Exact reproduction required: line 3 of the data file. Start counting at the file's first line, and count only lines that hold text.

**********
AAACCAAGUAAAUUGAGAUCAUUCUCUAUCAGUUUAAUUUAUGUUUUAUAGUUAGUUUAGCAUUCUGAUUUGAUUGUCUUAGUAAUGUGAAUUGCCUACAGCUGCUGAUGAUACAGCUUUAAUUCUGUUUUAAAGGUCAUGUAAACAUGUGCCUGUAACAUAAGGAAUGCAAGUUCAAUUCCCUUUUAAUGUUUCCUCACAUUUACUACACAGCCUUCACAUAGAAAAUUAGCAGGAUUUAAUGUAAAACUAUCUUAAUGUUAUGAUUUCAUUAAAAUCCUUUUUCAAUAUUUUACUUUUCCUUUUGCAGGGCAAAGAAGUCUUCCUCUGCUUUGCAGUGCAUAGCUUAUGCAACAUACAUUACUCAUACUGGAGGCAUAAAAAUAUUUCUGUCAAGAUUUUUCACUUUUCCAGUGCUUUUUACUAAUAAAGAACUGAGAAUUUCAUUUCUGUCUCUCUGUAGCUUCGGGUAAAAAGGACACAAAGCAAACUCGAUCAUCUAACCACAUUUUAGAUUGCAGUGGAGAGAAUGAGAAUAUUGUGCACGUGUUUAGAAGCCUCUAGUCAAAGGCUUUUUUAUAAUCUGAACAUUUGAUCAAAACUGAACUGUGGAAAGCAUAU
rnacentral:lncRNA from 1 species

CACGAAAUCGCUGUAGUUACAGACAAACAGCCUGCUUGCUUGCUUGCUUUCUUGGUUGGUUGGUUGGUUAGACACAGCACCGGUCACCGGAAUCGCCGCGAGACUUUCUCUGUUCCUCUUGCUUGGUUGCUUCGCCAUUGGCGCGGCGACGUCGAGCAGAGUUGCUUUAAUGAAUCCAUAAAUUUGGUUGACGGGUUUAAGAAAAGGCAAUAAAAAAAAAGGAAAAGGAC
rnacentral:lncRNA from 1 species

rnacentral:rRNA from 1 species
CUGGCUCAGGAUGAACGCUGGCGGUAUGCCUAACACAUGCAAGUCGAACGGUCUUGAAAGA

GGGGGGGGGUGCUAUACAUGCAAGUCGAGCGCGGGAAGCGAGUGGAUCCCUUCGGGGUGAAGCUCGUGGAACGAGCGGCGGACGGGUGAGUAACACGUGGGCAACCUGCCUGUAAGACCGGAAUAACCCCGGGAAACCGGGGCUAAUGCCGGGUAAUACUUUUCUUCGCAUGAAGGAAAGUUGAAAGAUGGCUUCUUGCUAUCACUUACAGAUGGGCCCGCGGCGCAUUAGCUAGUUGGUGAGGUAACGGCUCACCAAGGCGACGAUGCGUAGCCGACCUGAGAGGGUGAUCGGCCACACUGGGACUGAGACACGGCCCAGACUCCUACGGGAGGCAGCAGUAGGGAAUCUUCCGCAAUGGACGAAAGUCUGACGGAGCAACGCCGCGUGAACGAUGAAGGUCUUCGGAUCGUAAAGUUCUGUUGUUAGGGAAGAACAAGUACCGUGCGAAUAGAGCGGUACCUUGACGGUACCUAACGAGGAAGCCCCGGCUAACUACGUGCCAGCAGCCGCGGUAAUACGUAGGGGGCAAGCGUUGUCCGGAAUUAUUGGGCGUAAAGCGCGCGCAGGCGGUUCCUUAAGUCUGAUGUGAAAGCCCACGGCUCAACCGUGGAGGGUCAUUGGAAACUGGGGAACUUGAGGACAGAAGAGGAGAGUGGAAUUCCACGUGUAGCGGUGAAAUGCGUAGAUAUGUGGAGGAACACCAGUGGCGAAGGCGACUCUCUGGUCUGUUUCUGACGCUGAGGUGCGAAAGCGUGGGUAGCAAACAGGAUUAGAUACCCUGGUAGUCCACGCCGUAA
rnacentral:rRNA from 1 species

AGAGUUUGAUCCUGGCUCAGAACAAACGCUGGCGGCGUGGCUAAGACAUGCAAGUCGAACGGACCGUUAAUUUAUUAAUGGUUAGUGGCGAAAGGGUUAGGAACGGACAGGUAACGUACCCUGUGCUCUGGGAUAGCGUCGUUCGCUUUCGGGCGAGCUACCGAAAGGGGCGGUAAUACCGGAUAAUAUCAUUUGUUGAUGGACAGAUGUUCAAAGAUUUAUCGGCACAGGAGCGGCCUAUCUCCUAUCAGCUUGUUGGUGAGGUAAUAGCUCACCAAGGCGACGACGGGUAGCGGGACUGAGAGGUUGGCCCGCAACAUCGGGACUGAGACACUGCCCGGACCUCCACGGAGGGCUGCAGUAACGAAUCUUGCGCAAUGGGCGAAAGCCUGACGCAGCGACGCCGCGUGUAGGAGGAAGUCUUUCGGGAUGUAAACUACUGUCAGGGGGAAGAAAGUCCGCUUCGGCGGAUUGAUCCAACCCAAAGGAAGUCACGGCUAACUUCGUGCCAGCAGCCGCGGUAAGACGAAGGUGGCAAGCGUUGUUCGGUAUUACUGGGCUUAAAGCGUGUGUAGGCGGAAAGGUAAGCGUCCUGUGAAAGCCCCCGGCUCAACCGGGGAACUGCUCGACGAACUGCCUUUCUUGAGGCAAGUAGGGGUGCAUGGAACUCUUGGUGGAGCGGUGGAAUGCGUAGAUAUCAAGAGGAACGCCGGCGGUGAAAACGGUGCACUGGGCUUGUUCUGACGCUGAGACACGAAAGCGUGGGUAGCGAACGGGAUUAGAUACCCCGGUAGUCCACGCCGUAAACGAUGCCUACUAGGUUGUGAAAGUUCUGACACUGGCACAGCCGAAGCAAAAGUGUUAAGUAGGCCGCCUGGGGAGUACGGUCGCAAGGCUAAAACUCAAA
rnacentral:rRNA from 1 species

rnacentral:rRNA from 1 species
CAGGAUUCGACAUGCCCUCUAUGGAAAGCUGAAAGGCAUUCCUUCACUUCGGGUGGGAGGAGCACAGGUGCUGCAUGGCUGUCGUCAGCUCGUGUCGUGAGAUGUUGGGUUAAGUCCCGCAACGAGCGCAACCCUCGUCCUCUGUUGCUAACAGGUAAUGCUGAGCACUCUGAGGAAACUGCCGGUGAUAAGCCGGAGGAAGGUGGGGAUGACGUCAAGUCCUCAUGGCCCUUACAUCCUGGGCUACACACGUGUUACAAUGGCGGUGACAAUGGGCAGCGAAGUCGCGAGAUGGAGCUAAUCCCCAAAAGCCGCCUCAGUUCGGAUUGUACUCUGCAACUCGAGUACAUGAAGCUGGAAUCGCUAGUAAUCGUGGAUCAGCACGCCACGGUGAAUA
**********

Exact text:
CACGAAAUCGCUGUAGUUACAGACAAACAGCCUGCUUGCUUGCUUGCUUUCUUGGUUGGUUGGUUGGUUAGACACAGCACCGGUCACCGGAAUCGCCGCGAGACUUUCUCUGUUCCUCUUGCUUGGUUGCUUCGCCAUUGGCGCGGCGACGUCGAGCAGAGUUGCUUUAAUGAAUCCAUAAAUUUGGUUGACGGGUUUAAGAAAAGGCAAUAAAAAAAAAGGAAAAGGAC